The evaporator coil for my daughter's central air conditioning is leaking
condensate on the basement floor. The drain line is unobstructed and also
flowing some water.
This is a Carrier unit and it was installed with the access panel less than
a foot from the basement wall, presumably because the refrigerant
connections are right below the panel and it's a direct shot from there to
the outdoor unit. Whatever, it was a real pleasure taking the panel off and
getting it back on.
Did not see anything obvious with the panel off, but there wasn't much that
could be seen from back there. It looks like the condensate tray is on the
opposite side of the unit where there is no panel.
Noticed a small cover on one corner. Behind the cover was a drain pipe with
a rubber plug in it, from the factory it appears. What is the purpose of
this other drain connection? Would it help to also run a drain from it?
I'm guessing that the condensate tray may have a leak in it, but I don't see
any easy way of accessing it short of cutting a hole in the housing. I
don't know what these trays are made of or if they are are prone to rusting
What can you suggest?
If the coil is older than 15 years, it likely has pin holes in the bottom.
There's really no remedy other than replacing the complete coil. Since it's
in the basement, it will likely not allow the newer coils [larger] to fit
without a newer furnace.
I have another question. Noticed something when I had the cover off, but it
didn't register at the time.
The 1" copper condensate drain line runs from the "front" of the unit to the
back where it connects to the drain hose. This bare copper pipe was
dripping wet, and it's located in the same area where the mystery condensate
is escaping through a joint between the evaporator coil housing and the
furnace on which it's mounted.
There is no cold air flow through the drain because of several effective
traps in the flexible drain hose along its length, but there surely is cold
water flowing through it. Now if the humid air entering the evaporator coil
passes across this drain pipe would there not be undesirable condensation on
If that seems feasible then one solution would be to put insulation on the
drain pipe, although it's virtually unreachable as is. An alternative would
be to plug off the existing drain and install the hose on the other unused
drain that is on the front side and is very short and not exposed to
What do you think?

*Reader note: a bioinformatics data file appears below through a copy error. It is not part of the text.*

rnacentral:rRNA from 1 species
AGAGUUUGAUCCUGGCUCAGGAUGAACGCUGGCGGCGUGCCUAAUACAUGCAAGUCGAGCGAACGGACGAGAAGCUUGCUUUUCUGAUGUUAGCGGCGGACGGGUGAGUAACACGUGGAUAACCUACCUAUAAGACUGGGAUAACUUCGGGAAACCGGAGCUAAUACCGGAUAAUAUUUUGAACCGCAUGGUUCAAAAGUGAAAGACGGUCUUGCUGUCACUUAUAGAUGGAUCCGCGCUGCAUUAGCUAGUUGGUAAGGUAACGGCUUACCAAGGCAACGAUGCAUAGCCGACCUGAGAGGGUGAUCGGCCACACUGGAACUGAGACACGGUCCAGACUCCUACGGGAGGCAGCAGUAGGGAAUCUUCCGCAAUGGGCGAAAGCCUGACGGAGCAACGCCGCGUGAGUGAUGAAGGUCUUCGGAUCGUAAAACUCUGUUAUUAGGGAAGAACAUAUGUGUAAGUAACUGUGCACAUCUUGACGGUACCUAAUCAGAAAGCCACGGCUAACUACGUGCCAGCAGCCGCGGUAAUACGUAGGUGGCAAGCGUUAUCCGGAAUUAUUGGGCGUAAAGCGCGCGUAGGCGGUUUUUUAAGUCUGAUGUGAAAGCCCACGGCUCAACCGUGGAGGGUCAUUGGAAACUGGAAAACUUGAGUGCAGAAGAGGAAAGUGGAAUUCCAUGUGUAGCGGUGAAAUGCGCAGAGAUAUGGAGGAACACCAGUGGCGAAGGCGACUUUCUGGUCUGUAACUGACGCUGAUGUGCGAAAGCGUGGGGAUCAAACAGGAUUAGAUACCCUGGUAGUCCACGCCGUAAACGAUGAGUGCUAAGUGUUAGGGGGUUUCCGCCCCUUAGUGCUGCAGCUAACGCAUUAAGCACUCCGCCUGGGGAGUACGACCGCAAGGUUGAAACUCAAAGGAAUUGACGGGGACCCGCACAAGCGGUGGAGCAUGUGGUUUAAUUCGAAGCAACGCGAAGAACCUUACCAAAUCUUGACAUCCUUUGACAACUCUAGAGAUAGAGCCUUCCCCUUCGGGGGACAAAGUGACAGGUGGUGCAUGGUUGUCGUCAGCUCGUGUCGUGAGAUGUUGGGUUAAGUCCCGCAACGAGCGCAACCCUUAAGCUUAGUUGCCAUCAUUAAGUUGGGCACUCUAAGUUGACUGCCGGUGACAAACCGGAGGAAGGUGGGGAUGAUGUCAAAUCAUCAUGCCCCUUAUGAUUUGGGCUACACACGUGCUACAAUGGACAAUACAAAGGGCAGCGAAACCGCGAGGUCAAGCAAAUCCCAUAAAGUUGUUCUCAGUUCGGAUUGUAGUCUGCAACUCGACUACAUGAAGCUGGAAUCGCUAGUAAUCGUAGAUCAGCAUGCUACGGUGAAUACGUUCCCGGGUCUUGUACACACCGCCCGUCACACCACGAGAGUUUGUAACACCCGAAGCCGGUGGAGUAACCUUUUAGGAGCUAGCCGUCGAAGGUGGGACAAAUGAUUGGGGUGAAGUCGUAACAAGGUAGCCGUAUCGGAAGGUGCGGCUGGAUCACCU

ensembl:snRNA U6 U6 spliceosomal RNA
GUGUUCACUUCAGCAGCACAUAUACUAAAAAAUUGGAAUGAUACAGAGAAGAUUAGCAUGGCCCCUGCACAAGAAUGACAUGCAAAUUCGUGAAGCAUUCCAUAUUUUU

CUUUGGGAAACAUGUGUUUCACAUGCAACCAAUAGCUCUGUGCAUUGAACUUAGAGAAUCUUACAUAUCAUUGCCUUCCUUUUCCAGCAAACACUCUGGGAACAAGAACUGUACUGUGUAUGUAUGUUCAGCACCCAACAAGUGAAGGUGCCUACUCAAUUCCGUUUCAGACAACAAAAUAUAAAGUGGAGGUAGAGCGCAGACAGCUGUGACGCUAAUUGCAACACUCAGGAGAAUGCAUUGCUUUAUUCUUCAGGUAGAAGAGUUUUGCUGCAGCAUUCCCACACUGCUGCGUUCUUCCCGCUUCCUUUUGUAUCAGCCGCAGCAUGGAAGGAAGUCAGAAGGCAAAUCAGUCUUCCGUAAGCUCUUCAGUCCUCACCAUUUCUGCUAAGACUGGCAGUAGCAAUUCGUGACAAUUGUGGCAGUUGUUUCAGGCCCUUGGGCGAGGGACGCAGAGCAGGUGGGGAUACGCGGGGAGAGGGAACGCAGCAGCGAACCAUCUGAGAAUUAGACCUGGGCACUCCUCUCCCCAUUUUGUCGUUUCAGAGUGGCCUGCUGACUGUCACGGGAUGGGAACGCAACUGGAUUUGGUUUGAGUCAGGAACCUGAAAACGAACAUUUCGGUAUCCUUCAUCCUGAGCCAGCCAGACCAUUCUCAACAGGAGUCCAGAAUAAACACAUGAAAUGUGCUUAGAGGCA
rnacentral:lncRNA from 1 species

By the way, thank you, Gary, for coming to my defense.
Also, to all you professional HVAC gentlemen out there, I apologize if you
are offended by my asking for help in this matter. I thought that was one
of the purposes of these news groups and numerous others on various topics
where I freely offer help to others whenever my knowledge or experience
provides the answer they are looking for.
And, I don't have any qualms about calling in a pro when I'm in over my
head. However, I take pride in being able to take on and solve problems of
all kinds even when my experience is limited. Isn't that what most of you
On Tue, 5 Aug 2008 09:41:13 -0400, "Stormin Mormon"
Ouch! Eww! Ahh!
I bet Steve is going to lose a lot of sleep over that fact that you no
longer approve of his newsgroup ways.
Oh, by the way Stormy.........
after another 14 hour day, I just don't give a rats ass about some cheap son
of a bitch that comes in here wanting us to tell him how to fix his worn out
jurrassic a/c for free. My customers don't have to screw around on here,
because they call me, correct any and all problems with their systems, and
answer their questions in person so I can *SHOW* them what I am talking
bout.. Yes they pay me well, and get it right the first time..
Stormin, you can go fuck yourself, and the horse you rode in on. You don't
know shit about the trade, and never will because everybody in this news
group has tried to point you in the right direction and you ignore it. Now
take you trolling ass back to wherever it is that your majik undies take you
and don't let the door hit you in the ass on the way out.
A secondary drain is often used, to alert the occupant of a clogged drain.
If water is coming out the secondary drain, the occupant is supposed to know
to call for service. A secondary drain line shouldn't hurt.
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